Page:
Is Amazon Music Free With Prime, and What Do You Get?

Your Prime membership includes ad-free music, playlists and podcasts, but most music is shuffle-play only unless you upgrade to Unlimited.
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Written by Lisa Mulka
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Edited by Kathy Hinson
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If you’re an Amazon Prime member, you may already be enjoying some of the perks that come with the $139 per year membership, like fast shipping, video streaming and free e-books, magazines and audiobooks. But what about music options — do you need a Prime membership to stream music from Amazon?

Read on to learn more about Amazon Music Prime and how it compares to other music streaming services.

What is Amazon Music Prime?

Amazon Music Prime offers unlimited music streaming for Prime members. Subscribers get shuffle-only streaming (songs in random order) for any artist, album or playlist ad-free in the Amazon Prime music catalog. The platform also offers some popular podcasts without ads.

What are the features of Amazon Music Prime?

Amazon Music Prime has a library of more than 100 million songs, dozens of music stations to choose from, a large selection of podcasts and thousands of playlists. To listen, you can open Amazon Music Player in a computer browser window or download a desktop app, download a mobile app or use supported devices like Fire TV or Alexa (some devices play music only, not podcasts). Your ability to skip a song is limited, and offline listening is available only for the included All-Access Playlists.

If listening to an All-Access Playlist with Amazon Music Prime, you can skip songs, select one to listen to on-demand and download playlists for offline listening.

Is Amazon Music free with Prime?

Shuffle-play music streaming is free with a Prime membership. But if you want on-demand music, you’ll have to upgrade to Amazon Music Unlimited, which starts at $9.99 per month or $99 annually. Or, if you're not a Prime member, Unlimited costs $10.99 monthly.

Amazon Music Unlimited has the same features as Amazon Music Prime, but with additional perks like the ability to skip songs, listen offline and select individual tracks to listen to on-demand rather than in shuffle mode. Amazon Music Unlimited also includes high-definition audio quality across its music library.

If you’re not so particular about listening to specific songs and like the variety that shuffle-mode offers, Amazon Music Prime may be a viable option. You can also try out Amazon Music Unlimited with a free trial to see if the upgrade is worth it for your listening preferences. The free trial is typically for 30 days, but Amazon currently offers five months free for new subscribers who are Prime members (three months for non-Prime members). After the free period, you'll automatically be charged $9.99 (Prime members) or $10.99 monthly (non-Prime members) for the individual plan until you cancel.

If you don’t have Prime membership but want to listen for free, you can use Amazon Music Free. You’ll have to put up with ads and less flexibility on playlists, but there are plenty of stations, playlists and podcasts to choose from.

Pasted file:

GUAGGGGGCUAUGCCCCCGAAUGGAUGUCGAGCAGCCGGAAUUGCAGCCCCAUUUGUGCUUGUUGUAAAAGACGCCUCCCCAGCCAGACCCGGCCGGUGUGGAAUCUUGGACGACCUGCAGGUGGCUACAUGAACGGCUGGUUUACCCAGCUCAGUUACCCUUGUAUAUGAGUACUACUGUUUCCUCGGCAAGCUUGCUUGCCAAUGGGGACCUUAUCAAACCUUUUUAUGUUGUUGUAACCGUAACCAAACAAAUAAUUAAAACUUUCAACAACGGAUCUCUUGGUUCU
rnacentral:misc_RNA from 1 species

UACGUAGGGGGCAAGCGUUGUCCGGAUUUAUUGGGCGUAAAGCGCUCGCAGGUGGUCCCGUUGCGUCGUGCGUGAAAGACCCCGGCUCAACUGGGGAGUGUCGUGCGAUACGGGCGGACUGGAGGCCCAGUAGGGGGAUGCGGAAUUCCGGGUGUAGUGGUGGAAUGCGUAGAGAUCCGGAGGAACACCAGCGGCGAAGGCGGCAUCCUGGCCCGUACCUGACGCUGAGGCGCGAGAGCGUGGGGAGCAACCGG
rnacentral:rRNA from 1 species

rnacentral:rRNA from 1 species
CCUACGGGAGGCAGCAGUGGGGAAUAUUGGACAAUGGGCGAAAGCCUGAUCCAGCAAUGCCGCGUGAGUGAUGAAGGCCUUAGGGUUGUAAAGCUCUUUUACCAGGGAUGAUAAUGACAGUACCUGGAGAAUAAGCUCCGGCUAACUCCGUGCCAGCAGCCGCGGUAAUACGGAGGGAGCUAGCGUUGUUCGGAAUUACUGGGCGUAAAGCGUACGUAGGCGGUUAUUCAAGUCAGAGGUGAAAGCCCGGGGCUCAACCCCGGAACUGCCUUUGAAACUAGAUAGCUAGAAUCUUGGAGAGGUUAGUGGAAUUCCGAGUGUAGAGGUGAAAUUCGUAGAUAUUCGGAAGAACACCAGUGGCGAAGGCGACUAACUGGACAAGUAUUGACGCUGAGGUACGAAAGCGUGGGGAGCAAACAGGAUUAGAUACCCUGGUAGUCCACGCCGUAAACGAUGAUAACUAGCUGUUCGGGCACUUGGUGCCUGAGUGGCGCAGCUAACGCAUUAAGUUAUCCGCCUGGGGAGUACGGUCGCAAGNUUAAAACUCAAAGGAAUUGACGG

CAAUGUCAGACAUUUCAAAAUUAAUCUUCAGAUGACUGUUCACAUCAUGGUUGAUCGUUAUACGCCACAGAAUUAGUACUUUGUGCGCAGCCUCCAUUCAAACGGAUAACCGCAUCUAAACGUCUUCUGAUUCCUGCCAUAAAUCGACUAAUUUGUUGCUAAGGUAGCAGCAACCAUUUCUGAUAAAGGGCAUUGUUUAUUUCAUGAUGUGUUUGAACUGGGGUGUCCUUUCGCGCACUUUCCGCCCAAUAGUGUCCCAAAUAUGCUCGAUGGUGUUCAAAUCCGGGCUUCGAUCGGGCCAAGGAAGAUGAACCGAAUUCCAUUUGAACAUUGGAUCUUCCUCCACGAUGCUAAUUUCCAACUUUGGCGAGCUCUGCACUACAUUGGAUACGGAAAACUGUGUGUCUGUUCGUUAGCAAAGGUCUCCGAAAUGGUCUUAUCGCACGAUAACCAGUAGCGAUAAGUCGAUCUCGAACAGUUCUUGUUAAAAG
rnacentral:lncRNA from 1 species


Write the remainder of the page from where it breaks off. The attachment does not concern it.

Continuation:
Amazon Music Prime vs. other streaming services

There’s no shortage of music streaming options, so how does Amazon Music Prime measure up to other popular platforms like Spotify, YouTube Music and Apple Music?

Spotify and YouTube Music both offer free versions that compare with Amazon Music Prime features — typically containing ads and limited options for selecting songs.

Apple Music does not offer a free service, though there are often deals for free trials. At the time of this writing, you can get Apple Music free for six months with the purchase of an eligible Apple product.

If you’re already paying for a Prime membership, taking advantage of Amazon Music Prime may make sense before branching into other streaming services.

For paid subscriptions, Apple Music and YouTube Music provide individual plans for $10.99 per month. The Spotify individual plan costs $11.99 per month, but the higher price comes with 15 hours of audiobook listening time.

The paid plans from these competitors, with more robust features like ad-free listening, high-quality sound and the ability to listen offline, are most similar to Amazon Prime Unlimited in features and benefits. Amazon Prime Unlimited comes in at the lowest cost per month if you're a Prime member already, and the $10.99 for non-Prime members is also competitive.

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Budgeting for Amazon Music Prime

Deciding between streaming services requires analyzing features, benefits and costs. One advantage Amazon Music Prime carries over other services is that many consumers are already paying for Prime membership — in fact, it’s expected that in 2024 the number of Prime subscribers will reach more than 180 million.

Eligible college students can also take advantage of discounts with Amazon Prime Student, which brings an annual Prime subscription down to $69 per year, plus a free six-month trial.

Entertainment services like Amazon Music Prime plug into the wants category of a 50/30/20 budget, where 50% of income goes towards needs, 30% to wants and 20% to savings and extra payments on debt. If you decide to go with a paid music subscription, it may be helpful to review what else you can cut back on in the wants category.